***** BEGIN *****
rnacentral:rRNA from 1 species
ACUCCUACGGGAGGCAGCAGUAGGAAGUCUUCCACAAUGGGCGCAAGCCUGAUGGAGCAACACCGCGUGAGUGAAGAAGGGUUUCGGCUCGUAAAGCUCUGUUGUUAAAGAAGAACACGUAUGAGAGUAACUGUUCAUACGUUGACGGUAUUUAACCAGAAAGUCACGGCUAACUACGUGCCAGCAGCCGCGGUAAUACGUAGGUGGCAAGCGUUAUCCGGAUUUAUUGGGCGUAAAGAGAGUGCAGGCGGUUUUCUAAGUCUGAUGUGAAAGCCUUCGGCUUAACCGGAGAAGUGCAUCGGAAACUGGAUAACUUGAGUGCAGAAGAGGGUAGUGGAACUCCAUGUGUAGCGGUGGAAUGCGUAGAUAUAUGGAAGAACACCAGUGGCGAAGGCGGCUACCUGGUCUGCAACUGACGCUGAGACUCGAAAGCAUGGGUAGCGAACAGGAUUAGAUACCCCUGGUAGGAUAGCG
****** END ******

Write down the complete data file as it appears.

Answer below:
rnacentral:rRNA from 1 species
ACUCCUACGGGAGGCAGCAGUAGGAAGUCUUCCACAAUGGGCGCAAGCCUGAUGGAGCAACACCGCGUGAGUGAAGAAGGGUUUCGGCUCGUAAAGCUCUGUUGUUAAAGAAGAACACGUAUGAGAGUAACUGUUCAUACGUUGACGGUAUUUAACCAGAAAGUCACGGCUAACUACGUGCCAGCAGCCGCGGUAAUACGUAGGUGGCAAGCGUUAUCCGGAUUUAUUGGGCGUAAAGAGAGUGCAGGCGGUUUUCUAAGUCUGAUGUGAAAGCCUUCGGCUUAACCGGAGAAGUGCAUCGGAAACUGGAUAACUUGAGUGCAGAAGAGGGUAGUGGAACUCCAUGUGUAGCGGUGGAAUGCGUAGAUAUAUGGAAGAACACCAGUGGCGAAGGCGGCUACCUGGUCUGCAACUGACGCUGAGACUCGAAAGCAUGGGUAGCGAACAGGAUUAGAUACCCCUGGUAGGAUAGCG